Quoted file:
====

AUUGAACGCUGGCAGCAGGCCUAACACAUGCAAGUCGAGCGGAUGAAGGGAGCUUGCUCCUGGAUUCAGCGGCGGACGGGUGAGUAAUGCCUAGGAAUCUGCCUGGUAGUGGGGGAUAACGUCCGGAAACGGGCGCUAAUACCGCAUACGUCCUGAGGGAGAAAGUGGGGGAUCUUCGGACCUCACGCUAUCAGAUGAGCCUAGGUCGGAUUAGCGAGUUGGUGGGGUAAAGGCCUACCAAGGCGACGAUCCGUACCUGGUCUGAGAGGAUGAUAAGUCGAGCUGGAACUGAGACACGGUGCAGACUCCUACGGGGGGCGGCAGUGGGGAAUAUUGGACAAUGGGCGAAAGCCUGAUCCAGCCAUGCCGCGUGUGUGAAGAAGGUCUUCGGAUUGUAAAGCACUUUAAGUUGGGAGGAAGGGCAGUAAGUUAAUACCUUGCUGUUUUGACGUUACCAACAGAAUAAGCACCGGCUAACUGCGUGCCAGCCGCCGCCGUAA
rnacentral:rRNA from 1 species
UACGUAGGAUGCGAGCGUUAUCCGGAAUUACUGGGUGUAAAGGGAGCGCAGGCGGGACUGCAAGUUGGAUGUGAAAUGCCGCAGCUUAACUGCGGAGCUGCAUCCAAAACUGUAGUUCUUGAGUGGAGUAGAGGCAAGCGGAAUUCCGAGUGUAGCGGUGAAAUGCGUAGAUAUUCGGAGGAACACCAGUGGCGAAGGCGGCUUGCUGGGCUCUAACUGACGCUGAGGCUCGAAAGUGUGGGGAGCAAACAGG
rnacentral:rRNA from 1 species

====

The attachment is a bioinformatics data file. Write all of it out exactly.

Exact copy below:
AUUGAACGCUGGCAGCAGGCCUAACACAUGCAAGUCGAGCGGAUGAAGGGAGCUUGCUCCUGGAUUCAGCGGCGGACGGGUGAGUAAUGCCUAGGAAUCUGCCUGGUAGUGGGGGAUAACGUCCGGAAACGGGCGCUAAUACCGCAUACGUCCUGAGGGAGAAAGUGGGGGAUCUUCGGACCUCACGCUAUCAGAUGAGCCUAGGUCGGAUUAGCGAGUUGGUGGGGUAAAGGCCUACCAAGGCGACGAUCCGUACCUGGUCUGAGAGGAUGAUAAGUCGAGCUGGAACUGAGACACGGUGCAGACUCCUACGGGGGGCGGCAGUGGGGAAUAUUGGACAAUGGGCGAAAGCCUGAUCCAGCCAUGCCGCGUGUGUGAAGAAGGUCUUCGGAUUGUAAAGCACUUUAAGUUGGGAGGAAGGGCAGUAAGUUAAUACCUUGCUGUUUUGACGUUACCAACAGAAUAAGCACCGGCUAACUGCGUGCCAGCCGCCGCCGUAA
rnacentral:rRNA from 1 species
UACGUAGGAUGCGAGCGUUAUCCGGAAUUACUGGGUGUAAAGGGAGCGCAGGCGGGACUGCAAGUUGGAUGUGAAAUGCCGCAGCUUAACUGCGGAGCUGCAUCCAAAACUGUAGUUCUUGAGUGGAGUAGAGGCAAGCGGAAUUCCGAGUGUAGCGGUGAAAUGCGUAGAUAUUCGGAGGAACACCAGUGGCGAAGGCGGCUUGCUGGGCUCUAACUGACGCUGAGGCUCGAAAGUGUGGGGAGCAAACAGG
rnacentral:rRNA from 1 species